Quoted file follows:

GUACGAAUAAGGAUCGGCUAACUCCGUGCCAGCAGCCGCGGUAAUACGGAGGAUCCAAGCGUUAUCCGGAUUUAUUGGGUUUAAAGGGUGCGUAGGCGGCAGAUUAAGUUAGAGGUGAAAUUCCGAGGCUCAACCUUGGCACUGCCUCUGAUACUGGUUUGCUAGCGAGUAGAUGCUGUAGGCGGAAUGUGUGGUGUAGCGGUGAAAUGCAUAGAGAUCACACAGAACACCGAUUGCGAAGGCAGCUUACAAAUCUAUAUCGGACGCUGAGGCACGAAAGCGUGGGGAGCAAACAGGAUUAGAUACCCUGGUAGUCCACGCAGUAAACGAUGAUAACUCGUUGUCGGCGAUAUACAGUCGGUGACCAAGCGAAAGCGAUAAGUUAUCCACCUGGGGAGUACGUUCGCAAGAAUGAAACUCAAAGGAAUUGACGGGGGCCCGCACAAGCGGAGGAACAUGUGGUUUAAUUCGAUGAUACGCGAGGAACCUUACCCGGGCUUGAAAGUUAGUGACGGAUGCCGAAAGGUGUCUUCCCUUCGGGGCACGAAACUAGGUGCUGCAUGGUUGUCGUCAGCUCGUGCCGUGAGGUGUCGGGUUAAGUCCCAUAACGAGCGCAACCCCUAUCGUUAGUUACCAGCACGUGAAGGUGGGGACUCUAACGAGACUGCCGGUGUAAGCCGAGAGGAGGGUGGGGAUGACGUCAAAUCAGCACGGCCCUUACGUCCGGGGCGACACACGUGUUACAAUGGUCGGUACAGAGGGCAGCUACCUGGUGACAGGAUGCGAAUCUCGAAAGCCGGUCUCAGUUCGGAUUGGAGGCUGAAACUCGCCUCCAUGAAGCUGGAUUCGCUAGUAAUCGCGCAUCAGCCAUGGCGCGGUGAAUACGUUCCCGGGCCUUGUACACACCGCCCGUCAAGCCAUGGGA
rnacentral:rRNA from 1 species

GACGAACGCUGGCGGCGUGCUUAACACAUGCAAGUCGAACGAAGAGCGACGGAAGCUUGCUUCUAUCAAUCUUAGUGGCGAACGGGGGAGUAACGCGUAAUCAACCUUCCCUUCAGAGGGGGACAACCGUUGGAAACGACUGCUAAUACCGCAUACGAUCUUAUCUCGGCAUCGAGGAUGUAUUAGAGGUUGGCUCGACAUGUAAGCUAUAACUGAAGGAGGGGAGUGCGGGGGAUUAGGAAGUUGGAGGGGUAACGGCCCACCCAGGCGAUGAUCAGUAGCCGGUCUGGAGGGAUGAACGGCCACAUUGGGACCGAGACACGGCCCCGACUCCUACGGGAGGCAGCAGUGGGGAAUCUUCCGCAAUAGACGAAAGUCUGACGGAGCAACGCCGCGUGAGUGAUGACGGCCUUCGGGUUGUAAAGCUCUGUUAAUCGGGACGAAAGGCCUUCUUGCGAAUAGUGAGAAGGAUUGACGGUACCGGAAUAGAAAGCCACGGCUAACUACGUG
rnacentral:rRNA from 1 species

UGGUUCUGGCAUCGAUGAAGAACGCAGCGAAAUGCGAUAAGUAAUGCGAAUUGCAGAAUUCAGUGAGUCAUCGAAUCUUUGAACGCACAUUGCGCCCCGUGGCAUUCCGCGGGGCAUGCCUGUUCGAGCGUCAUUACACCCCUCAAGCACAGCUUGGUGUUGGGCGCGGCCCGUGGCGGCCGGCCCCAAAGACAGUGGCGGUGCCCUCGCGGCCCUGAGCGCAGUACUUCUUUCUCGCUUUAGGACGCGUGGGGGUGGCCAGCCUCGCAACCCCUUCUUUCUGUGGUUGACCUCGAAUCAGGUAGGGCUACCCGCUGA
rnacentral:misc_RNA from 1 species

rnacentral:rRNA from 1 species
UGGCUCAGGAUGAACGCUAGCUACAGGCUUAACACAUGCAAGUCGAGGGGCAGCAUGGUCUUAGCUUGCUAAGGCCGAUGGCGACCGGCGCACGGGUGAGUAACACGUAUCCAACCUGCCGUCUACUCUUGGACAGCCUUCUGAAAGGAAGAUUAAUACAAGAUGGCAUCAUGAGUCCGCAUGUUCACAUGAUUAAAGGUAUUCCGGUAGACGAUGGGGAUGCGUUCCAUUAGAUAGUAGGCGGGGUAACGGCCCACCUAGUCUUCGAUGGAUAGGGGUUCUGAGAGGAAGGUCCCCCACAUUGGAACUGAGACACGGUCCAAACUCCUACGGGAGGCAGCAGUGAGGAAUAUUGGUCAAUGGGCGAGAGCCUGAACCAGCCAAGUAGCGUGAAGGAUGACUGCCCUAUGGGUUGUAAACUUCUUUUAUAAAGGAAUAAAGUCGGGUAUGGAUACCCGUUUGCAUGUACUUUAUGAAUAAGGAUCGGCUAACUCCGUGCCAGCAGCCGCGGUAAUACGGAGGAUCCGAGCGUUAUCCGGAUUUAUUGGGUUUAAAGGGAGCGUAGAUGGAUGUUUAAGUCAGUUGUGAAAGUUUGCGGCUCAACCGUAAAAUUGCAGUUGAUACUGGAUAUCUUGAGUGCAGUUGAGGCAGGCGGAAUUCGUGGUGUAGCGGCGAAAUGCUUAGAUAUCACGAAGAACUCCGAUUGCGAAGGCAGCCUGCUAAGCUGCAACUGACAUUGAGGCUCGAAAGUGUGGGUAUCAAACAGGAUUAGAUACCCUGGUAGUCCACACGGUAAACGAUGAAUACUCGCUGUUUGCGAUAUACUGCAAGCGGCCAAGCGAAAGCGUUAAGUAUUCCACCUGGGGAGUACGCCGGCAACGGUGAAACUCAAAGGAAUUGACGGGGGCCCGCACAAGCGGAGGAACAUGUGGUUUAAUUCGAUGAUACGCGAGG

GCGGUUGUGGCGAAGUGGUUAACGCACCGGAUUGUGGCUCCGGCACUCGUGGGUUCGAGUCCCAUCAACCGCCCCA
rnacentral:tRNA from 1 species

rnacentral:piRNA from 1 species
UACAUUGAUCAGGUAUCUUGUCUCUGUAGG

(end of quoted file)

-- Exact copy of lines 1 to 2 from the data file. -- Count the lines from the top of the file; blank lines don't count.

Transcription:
GUACGAAUAAGGAUCGGCUAACUCCGUGCCAGCAGCCGCGGUAAUACGGAGGAUCCAAGCGUUAUCCGGAUUUAUUGGGUUUAAAGGGUGCGUAGGCGGCAGAUUAAGUUAGAGGUGAAAUUCCGAGGCUCAACCUUGGCACUGCCUCUGAUACUGGUUUGCUAGCGAGUAGAUGCUGUAGGCGGAAUGUGUGGUGUAGCGGUGAAAUGCAUAGAGAUCACACAGAACACCGAUUGCGAAGGCAGCUUACAAAUCUAUAUCGGACGCUGAGGCACGAAAGCGUGGGGAGCAAACAGGAUUAGAUACCCUGGUAGUCCACGCAGUAAACGAUGAUAACUCGUUGUCGGCGAUAUACAGUCGGUGACCAAGCGAAAGCGAUAAGUUAUCCACCUGGGGAGUACGUUCGCAAGAAUGAAACUCAAAGGAAUUGACGGGGGCCCGCACAAGCGGAGGAACAUGUGGUUUAAUUCGAUGAUACGCGAGGAACCUUACCCGGGCUUGAAAGUUAGUGACGGAUGCCGAAAGGUGUCUUCCCUUCGGGGCACGAAACUAGGUGCUGCAUGGUUGUCGUCAGCUCGUGCCGUGAGGUGUCGGGUUAAGUCCCAUAACGAGCGCAACCCCUAUCGUUAGUUACCAGCACGUGAAGGUGGGGACUCUAACGAGACUGCCGGUGUAAGCCGAGAGGAGGGUGGGGAUGACGUCAAAUCAGCACGGCCCUUACGUCCGGGGCGACACACGUGUUACAAUGGUCGGUACAGAGGGCAGCUACCUGGUGACAGGAUGCGAAUCUCGAAAGCCGGUCUCAGUUCGGAUUGGAGGCUGAAACUCGCCUCCAUGAAGCUGGAUUCGCUAGUAAUCGCGCAUCAGCCAUGGCGCGGUGAAUACGUUCCCGGGCCUUGUACACACCGCCCGUCAAGCCAUGGGA
rnacentral:rRNA from 1 species